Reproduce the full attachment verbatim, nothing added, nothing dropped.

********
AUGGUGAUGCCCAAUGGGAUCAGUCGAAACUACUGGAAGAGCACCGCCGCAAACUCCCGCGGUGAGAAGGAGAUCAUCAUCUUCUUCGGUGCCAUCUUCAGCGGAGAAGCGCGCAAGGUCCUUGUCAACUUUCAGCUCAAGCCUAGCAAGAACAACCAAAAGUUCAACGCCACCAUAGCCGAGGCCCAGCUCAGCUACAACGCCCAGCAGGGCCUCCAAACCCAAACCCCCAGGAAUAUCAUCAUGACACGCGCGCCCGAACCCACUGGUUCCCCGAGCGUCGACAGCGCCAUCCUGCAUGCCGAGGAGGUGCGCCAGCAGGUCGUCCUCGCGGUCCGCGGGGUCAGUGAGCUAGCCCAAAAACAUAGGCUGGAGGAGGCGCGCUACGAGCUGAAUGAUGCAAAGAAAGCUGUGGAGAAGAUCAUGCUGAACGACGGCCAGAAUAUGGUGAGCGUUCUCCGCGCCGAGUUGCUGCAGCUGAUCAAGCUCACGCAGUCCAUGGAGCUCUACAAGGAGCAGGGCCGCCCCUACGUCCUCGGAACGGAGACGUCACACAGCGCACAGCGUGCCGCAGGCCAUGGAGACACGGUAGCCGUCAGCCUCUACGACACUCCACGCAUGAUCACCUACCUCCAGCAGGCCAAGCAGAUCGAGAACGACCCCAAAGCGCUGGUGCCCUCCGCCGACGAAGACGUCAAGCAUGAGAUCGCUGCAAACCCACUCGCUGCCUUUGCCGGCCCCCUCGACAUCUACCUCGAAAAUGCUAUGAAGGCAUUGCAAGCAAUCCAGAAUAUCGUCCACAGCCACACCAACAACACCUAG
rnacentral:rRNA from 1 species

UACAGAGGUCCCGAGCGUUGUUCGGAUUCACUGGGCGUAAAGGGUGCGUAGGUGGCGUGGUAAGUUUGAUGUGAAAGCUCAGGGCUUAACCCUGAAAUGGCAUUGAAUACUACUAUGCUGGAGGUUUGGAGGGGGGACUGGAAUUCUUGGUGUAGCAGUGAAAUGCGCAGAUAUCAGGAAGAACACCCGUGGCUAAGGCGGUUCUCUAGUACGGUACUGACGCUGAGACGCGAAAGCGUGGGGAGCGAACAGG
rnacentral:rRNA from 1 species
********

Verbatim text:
AUGGUGAUGCCCAAUGGGAUCAGUCGAAACUACUGGAAGAGCACCGCCGCAAACUCCCGCGGUGAGAAGGAGAUCAUCAUCUUCUUCGGUGCCAUCUUCAGCGGAGAAGCGCGCAAGGUCCUUGUCAACUUUCAGCUCAAGCCUAGCAAGAACAACCAAAAGUUCAACGCCACCAUAGCCGAGGCCCAGCUCAGCUACAACGCCCAGCAGGGCCUCCAAACCCAAACCCCCAGGAAUAUCAUCAUGACACGCGCGCCCGAACCCACUGGUUCCCCGAGCGUCGACAGCGCCAUCCUGCAUGCCGAGGAGGUGCGCCAGCAGGUCGUCCUCGCGGUCCGCGGGGUCAGUGAGCUAGCCCAAAAACAUAGGCUGGAGGAGGCGCGCUACGAGCUGAAUGAUGCAAAGAAAGCUGUGGAGAAGAUCAUGCUGAACGACGGCCAGAAUAUGGUGAGCGUUCUCCGCGCCGAGUUGCUGCAGCUGAUCAAGCUCACGCAGUCCAUGGAGCUCUACAAGGAGCAGGGCCGCCCCUACGUCCUCGGAACGGAGACGUCACACAGCGCACAGCGUGCCGCAGGCCAUGGAGACACGGUAGCCGUCAGCCUCUACGACACUCCACGCAUGAUCACCUACCUCCAGCAGGCCAAGCAGAUCGAGAACGACCCCAAAGCGCUGGUGCCCUCCGCCGACGAAGACGUCAAGCAUGAGAUCGCUGCAAACCCACUCGCUGCCUUUGCCGGCCCCCUCGACAUCUACCUCGAAAAUGCUAUGAAGGCAUUGCAAGCAAUCCAGAAUAUCGUCCACAGCCACACCAACAACACCUAG
rnacentral:rRNA from 1 species

UACAGAGGUCCCGAGCGUUGUUCGGAUUCACUGGGCGUAAAGGGUGCGUAGGUGGCGUGGUAAGUUUGAUGUGAAAGCUCAGGGCUUAACCCUGAAAUGGCAUUGAAUACUACUAUGCUGGAGGUUUGGAGGGGGGACUGGAAUUCUUGGUGUAGCAGUGAAAUGCGCAGAUAUCAGGAAGAACACCCGUGGCUAAGGCGGUUCUCUAGUACGGUACUGACGCUGAGACGCGAAAGCGUGGGGAGCGAACAGG
rnacentral:rRNA from 1 species